Muslim Diversity: Local Islam in Global Contexts
The term ‘local Islam’ has been coined to describe local responses to the effects of globalisation in the Islamic world. All contributions to this volume present cases of ‘local Islam’ as well as discussing the term itself. But what all of this group of anthropologists and historians convey is a feeling of dissatisfaction with the very term. Their uneasiness relates to the conceptual problems arising from seeing Islam as either local or global. Rather, the authors argue in favour of a focus not on Islam but on the lives of Muslims, putting their lives into the context of complex historical developments. Ranging across much of the vast extent of the Islamic world – from West Africa and the Near East to China and Southeast Asia – the contributions deal with the effects of migration on local Islamic traditions in Bangladesh; conflicts between Muslim sects in Pakistan; the development of jihad in West Africa; the problem of maintaining a Muslim identity in China; how Javanese Muslims combine their Islamic faith with belief in a local Javanese spirit world; the comparison between urban- and rural-based Islam in Syria; and (in two studies from western Sudan) issues of belief and broader aspects of identity management in a multi-ethnic situation.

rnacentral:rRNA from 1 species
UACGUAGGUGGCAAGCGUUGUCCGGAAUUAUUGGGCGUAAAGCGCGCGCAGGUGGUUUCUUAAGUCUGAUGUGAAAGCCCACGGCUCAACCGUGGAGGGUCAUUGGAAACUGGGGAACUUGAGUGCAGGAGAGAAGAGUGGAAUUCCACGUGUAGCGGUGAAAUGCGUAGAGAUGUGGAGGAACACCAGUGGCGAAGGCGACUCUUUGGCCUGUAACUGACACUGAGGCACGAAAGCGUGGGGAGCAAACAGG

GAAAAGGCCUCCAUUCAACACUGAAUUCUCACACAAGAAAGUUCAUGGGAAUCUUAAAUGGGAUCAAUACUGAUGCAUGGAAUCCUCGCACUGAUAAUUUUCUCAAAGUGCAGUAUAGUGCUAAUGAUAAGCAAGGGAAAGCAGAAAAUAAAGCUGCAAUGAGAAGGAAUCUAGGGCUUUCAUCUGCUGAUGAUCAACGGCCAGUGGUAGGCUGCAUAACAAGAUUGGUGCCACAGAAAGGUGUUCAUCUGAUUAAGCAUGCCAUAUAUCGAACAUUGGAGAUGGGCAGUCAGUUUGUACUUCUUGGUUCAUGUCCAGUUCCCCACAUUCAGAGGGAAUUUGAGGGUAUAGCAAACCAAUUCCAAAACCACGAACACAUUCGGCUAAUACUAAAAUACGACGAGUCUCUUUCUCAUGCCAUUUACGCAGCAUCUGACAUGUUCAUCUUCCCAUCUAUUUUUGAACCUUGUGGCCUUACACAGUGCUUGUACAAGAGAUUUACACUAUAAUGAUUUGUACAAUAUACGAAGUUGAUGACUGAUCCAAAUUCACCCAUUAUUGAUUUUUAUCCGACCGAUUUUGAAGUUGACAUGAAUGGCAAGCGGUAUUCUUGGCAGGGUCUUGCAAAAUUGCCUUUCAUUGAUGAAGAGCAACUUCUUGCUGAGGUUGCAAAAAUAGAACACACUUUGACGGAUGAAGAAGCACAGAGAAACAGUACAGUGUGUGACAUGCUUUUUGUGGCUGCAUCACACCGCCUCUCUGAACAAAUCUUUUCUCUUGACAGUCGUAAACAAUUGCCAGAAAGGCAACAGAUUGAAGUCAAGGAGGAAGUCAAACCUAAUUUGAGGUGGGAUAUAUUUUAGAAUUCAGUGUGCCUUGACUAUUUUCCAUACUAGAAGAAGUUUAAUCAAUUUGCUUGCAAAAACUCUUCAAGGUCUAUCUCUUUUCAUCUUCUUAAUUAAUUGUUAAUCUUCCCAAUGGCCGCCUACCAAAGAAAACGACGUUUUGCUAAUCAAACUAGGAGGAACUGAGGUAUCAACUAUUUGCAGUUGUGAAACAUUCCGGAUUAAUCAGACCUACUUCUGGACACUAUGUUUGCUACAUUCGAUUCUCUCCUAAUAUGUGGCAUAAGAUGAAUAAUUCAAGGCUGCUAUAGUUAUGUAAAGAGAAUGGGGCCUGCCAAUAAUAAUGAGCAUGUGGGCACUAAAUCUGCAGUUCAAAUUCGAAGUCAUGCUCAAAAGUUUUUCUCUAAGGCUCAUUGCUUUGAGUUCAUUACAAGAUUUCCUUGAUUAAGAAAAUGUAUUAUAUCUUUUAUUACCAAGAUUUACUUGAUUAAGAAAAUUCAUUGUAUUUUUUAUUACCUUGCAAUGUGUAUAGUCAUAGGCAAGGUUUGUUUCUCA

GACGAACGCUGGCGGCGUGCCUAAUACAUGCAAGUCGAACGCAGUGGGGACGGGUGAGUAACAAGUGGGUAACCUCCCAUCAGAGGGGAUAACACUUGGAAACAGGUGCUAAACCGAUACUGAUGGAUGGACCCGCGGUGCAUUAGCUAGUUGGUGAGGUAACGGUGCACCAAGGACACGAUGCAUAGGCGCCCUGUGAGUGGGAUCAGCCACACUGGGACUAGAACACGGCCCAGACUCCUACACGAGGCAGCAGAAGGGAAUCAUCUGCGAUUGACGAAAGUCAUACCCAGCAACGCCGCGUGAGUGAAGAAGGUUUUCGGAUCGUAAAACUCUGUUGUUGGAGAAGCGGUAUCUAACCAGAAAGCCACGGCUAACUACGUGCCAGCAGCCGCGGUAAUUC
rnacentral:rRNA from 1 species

Leif Manger is professor in the Department of Social Anthropology at the University of Bergen
Muslims, Mongols and Crusaders
Taylor & Francis (2004)
The period from about 1100 to 1350 in the Middle East was marked by continued interaction between the local Muslim rulers and two groups of non-Muslim invaders: the Frankish crusaders from Western Europe and the Mongols from northeastern Asia. In deflecting the threat those invaders presented, a major role was played by the Mamluk state which arose in Egypt and Syria in 1250. The Bulletin of the School of Oriental and African Studies has, from 1917 onwards, published several articles pertaining to the history of this period by leading historians of the region, and this volume reprints some of the most important and interesting of them for the convenience of students and scholars.